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2013-7-18
THE long-discussed expansion of China's property tax plan has once again come under the spotlight following a renewed pledge by tax authorities to research the plan.
The State Administration of Taxation said in a circular issued late on Tuesday it will research the possible expansion of property tax pilot programs.
However, like similar statements previously made by other authorities, the circular did not include any details regarding a timetable for the expansion.
The comment is the latest in a string of official statements in which authorities have vowed to implement a property tax plan currently being used in the cities of Shanghai and Chongqing.
The government, however, has yet to make any substantial moves regarding the tax, although recent reports indicate that several cities, including Hangzhou and Wuhan, are ready to implement the plan.
"The stagnation suggests that multiple factors are holding the expansion back," said Chen Guoqiang, vice president of the China Real Estate Society, citing reluctance from local governments and other interest groups as the major reasons.
The government introduced property taxes in Chongqing and Shanghai on a trial basis in 2010 as part of efforts to cool the rampant property market.
The Chongqing trial focused on taxing high-end housing, while Shanghai's program mainly targeted the ownership of multiple houses. But due to limited rates that ranged from 0.5 to 1.2 percent, the taxes imposed were seen as too low to be effective in keeping local housing prices in check.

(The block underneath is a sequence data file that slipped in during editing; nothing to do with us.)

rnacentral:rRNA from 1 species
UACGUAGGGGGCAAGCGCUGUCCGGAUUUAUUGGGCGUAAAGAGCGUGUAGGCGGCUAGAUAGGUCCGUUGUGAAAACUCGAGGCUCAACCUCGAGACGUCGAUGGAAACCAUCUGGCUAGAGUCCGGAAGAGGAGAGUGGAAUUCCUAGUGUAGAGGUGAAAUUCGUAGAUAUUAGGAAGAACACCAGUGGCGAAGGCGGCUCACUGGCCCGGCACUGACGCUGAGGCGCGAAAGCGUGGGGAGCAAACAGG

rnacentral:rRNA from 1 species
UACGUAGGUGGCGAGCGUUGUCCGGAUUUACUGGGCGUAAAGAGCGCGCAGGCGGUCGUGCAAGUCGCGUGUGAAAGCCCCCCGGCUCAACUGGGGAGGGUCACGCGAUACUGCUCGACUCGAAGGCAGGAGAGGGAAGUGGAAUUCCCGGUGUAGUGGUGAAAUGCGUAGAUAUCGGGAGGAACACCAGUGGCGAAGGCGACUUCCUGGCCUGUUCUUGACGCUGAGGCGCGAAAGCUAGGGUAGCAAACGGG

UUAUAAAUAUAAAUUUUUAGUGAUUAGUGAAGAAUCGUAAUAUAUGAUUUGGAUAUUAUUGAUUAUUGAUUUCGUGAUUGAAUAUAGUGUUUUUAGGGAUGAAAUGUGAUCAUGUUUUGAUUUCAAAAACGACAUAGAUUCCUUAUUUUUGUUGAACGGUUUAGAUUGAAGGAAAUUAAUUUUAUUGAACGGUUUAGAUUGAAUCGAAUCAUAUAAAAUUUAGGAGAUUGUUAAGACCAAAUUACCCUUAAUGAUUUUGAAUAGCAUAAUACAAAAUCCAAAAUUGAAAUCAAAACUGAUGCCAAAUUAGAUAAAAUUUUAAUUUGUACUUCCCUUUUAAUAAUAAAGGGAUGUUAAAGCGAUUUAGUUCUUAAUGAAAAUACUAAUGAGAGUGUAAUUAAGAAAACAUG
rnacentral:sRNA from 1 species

But analysts believe the property tax plan will be expanded, as the government sees it as a tool that can be used to regulate the market in the long term.

2013-7-18

 

THE long-discussed expansion of China's property tax plan has once again come under the spotlight following a renewed pledge by tax authorities to research the plan.
The State Administration of Taxation said in a circular issued late on Tuesday it will research the possible expansion of property tax pilot programs.

 

However, like similar statements previously made by other authorities, the circular did not include any details regarding a timetable for the expansion.

 

 The comment is the latest in a string of official statements in which authorities have vowed to implement a property tax plan currently being used in the cities of Shanghai and Chongqing.

 

The government, however, has yet to make any substantial moves regarding the tax, although recent reports indicate that several cities, including Hangzhou and Wuhan, are ready to implement the plan.

 

 "The stagnation suggests that multiple factors are holding the expansion back," said Chen Guoqiang, vice president of the China Real Estate Society, citing reluctance from local governments and other interest groups as the major reasons.

 

The government introduced property taxes in Chongqing and Shanghai on a trial basis in 2010 as part of efforts to cool the rampant property market.

 

 The Chongqing trial focused on taxing high-end housing, while Shanghai's program mainly targeted the ownership of multiple houses. But due to limited rates that ranged from 0.5 to 1.2 percent, the taxes imposed were seen as too low to be effective in keeping local housing prices in check.

 

But analysts believe the property tax plan will be expanded, as the government sees it as a tool that can be used to regulate the market in the long term.

 

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